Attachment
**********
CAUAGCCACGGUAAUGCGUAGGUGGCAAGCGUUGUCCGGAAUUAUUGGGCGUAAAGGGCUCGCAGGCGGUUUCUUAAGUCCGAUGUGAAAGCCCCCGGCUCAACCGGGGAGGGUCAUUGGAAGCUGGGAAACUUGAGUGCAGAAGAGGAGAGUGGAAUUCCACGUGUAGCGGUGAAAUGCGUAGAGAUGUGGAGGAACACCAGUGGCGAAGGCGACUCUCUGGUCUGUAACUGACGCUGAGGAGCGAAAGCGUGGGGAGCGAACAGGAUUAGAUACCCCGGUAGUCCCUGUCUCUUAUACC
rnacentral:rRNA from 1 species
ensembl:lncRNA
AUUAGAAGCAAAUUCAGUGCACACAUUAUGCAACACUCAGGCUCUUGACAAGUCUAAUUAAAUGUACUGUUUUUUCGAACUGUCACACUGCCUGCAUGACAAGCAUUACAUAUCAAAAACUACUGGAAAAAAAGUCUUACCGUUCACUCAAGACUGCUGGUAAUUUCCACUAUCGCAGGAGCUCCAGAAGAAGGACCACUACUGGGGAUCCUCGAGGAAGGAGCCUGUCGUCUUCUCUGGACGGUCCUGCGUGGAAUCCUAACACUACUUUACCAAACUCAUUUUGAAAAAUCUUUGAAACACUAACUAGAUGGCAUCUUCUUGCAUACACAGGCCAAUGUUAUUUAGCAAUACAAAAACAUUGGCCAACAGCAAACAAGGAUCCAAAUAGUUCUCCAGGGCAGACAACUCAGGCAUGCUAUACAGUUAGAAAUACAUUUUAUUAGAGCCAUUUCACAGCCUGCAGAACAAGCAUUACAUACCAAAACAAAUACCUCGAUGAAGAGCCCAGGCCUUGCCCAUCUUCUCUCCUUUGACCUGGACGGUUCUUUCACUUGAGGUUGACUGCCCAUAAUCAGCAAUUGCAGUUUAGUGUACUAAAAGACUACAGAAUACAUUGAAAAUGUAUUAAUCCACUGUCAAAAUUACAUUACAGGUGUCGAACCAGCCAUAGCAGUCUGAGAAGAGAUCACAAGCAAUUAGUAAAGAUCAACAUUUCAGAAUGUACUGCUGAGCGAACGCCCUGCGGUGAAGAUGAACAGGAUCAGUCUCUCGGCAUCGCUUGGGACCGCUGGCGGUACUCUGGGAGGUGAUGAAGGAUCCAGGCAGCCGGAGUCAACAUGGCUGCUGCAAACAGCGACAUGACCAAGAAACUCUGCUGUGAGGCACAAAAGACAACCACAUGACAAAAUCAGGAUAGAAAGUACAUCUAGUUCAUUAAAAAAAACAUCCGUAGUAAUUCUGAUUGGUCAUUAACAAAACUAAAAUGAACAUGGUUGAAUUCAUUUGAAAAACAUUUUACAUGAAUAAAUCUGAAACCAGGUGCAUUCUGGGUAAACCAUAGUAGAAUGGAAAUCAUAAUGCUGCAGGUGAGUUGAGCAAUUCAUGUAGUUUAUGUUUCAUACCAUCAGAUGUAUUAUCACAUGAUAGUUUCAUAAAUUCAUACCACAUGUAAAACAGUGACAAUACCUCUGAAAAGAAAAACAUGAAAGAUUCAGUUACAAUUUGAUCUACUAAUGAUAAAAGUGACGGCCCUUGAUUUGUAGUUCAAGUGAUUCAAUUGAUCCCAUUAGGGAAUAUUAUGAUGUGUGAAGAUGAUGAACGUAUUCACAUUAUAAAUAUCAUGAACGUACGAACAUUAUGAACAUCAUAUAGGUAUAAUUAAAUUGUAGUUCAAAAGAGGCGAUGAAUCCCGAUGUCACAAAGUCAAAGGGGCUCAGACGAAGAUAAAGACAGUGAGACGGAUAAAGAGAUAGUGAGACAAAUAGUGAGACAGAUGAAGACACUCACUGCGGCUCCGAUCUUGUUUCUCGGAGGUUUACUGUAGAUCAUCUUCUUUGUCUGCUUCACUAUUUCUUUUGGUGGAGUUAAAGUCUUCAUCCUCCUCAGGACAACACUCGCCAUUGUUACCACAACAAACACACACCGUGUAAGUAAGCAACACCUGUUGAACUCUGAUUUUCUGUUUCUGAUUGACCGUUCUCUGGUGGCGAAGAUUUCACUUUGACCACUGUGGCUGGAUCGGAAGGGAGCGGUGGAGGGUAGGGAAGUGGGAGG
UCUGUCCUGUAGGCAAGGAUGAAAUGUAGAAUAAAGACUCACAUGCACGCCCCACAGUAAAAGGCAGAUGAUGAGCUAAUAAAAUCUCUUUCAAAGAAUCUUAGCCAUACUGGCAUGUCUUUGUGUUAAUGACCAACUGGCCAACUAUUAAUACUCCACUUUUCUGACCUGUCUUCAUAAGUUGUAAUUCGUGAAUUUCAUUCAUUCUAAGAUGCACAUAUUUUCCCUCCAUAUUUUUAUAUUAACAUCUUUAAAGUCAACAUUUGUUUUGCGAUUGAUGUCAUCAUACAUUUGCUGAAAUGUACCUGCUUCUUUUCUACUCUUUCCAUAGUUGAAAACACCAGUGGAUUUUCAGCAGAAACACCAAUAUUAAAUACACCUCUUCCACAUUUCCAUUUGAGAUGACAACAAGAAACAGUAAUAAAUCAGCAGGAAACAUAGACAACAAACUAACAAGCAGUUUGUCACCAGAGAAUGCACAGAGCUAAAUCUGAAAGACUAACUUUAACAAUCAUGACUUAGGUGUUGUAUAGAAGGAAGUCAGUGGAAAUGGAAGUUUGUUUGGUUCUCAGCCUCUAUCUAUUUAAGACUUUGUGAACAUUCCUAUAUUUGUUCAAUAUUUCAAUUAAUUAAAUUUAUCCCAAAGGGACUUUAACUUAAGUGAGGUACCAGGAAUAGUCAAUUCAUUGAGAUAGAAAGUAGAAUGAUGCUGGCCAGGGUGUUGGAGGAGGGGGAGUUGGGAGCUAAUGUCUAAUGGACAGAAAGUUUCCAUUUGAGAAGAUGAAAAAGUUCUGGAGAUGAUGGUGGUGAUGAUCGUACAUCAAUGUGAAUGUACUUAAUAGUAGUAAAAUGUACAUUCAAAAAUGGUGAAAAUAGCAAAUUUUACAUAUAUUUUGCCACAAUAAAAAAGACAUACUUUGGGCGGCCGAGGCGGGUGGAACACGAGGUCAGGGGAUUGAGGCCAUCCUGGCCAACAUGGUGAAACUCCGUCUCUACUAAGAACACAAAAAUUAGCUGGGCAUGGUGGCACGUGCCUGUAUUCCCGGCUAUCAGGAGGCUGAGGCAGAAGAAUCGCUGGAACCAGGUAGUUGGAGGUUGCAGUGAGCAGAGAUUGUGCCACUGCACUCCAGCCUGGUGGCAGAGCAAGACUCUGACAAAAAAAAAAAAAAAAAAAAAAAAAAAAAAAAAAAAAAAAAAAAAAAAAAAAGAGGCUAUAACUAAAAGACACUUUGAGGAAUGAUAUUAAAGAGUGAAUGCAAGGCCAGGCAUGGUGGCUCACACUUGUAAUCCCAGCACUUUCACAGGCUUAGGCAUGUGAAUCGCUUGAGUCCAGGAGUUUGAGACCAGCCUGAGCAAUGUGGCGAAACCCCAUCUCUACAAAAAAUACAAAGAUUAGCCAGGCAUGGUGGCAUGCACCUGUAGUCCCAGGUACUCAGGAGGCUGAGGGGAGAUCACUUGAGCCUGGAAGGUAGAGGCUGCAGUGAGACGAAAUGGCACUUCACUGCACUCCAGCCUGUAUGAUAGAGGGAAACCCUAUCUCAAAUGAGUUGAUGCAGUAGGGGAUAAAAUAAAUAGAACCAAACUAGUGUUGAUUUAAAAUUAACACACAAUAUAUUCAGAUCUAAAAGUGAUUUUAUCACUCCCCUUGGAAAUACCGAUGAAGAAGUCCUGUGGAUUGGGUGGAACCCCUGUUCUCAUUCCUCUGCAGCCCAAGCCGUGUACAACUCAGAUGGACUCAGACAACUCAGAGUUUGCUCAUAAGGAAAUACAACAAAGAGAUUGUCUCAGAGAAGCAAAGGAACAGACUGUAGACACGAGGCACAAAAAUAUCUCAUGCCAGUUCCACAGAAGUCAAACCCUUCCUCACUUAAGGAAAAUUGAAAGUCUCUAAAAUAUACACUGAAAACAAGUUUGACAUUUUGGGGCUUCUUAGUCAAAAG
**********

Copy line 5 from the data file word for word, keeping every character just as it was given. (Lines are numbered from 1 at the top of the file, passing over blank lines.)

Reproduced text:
UCUGUCCUGUAGGCAAGGAUGAAAUGUAGAAUAAAGACUCACAUGCACGCCCCACAGUAAAAGGCAGAUGAUGAGCUAAUAAAAUCUCUUUCAAAGAAUCUUAGCCAUACUGGCAUGUCUUUGUGUUAAUGACCAACUGGCCAACUAUUAAUACUCCACUUUUCUGACCUGUCUUCAUAAGUUGUAAUUCGUGAAUUUCAUUCAUUCUAAGAUGCACAUAUUUUCCCUCCAUAUUUUUAUAUUAACAUCUUUAAAGUCAACAUUUGUUUUGCGAUUGAUGUCAUCAUACAUUUGCUGAAAUGUACCUGCUUCUUUUCUACUCUUUCCAUAGUUGAAAACACCAGUGGAUUUUCAGCAGAAACACCAAUAUUAAAUACACCUCUUCCACAUUUCCAUUUGAGAUGACAACAAGAAACAGUAAUAAAUCAGCAGGAAACAUAGACAACAAACUAACAAGCAGUUUGUCACCAGAGAAUGCACAGAGCUAAAUCUGAAAGACUAACUUUAACAAUCAUGACUUAGGUGUUGUAUAGAAGGAAGUCAGUGGAAAUGGAAGUUUGUUUGGUUCUCAGCCUCUAUCUAUUUAAGACUUUGUGAACAUUCCUAUAUUUGUUCAAUAUUUCAAUUAAUUAAAUUUAUCCCAAAGGGACUUUAACUUAAGUGAGGUACCAGGAAUAGUCAAUUCAUUGAGAUAGAAAGUAGAAUGAUGCUGGCCAGGGUGUUGGAGGAGGGGGAGUUGGGAGCUAAUGUCUAAUGGACAGAAAGUUUCCAUUUGAGAAGAUGAAAAAGUUCUGGAGAUGAUGGUGGUGAUGAUCGUACAUCAAUGUGAAUGUACUUAAUAGUAGUAAAAUGUACAUUCAAAAAUGGUGAAAAUAGCAAAUUUUACAUAUAUUUUGCCACAAUAAAAAAGACAUACUUUGGGCGGCCGAGGCGGGUGGAACACGAGGUCAGGGGAUUGAGGCCAUCCUGGCCAACAUGGUGAAACUCCGUCUCUACUAAGAACACAAAAAUUAGCUGGGCAUGGUGGCACGUGCCUGUAUUCCCGGCUAUCAGGAGGCUGAGGCAGAAGAAUCGCUGGAACCAGGUAGUUGGAGGUUGCAGUGAGCAGAGAUUGUGCCACUGCACUCCAGCCUGGUGGCAGAGCAAGACUCUGACAAAAAAAAAAAAAAAAAAAAAAAAAAAAAAAAAAAAAAAAAAAAAAAAAAAAGAGGCUAUAACUAAAAGACACUUUGAGGAAUGAUAUUAAAGAGUGAAUGCAAGGCCAGGCAUGGUGGCUCACACUUGUAAUCCCAGCACUUUCACAGGCUUAGGCAUGUGAAUCGCUUGAGUCCAGGAGUUUGAGACCAGCCUGAGCAAUGUGGCGAAACCCCAUCUCUACAAAAAAUACAAAGAUUAGCCAGGCAUGGUGGCAUGCACCUGUAGUCCCAGGUACUCAGGAGGCUGAGGGGAGAUCACUUGAGCCUGGAAGGUAGAGGCUGCAGUGAGACGAAAUGGCACUUCACUGCACUCCAGCCUGUAUGAUAGAGGGAAACCCUAUCUCAAAUGAGUUGAUGCAGUAGGGGAUAAAAUAAAUAGAACCAAACUAGUGUUGAUUUAAAAUUAACACACAAUAUAUUCAGAUCUAAAAGUGAUUUUAUCACUCCCCUUGGAAAUACCGAUGAAGAAGUCCUGUGGAUUGGGUGGAACCCCUGUUCUCAUUCCUCUGCAGCCCAAGCCGUGUACAACUCAGAUGGACUCAGACAACUCAGAGUUUGCUCAUAAGGAAAUACAACAAAGAGAUUGUCUCAGAGAAGCAAAGGAACAGACUGUAGACACGAGGCACAAAAAUAUCUCAUGCCAGUUCCACAGAAGUCAAACCCUUCCUCACUUAAGGAAAAUUGAAAGUCUCUAAAAUAUACACUGAAAACAAGUUUGACAUUUUGGGGCUUCUUAGUCAAAAG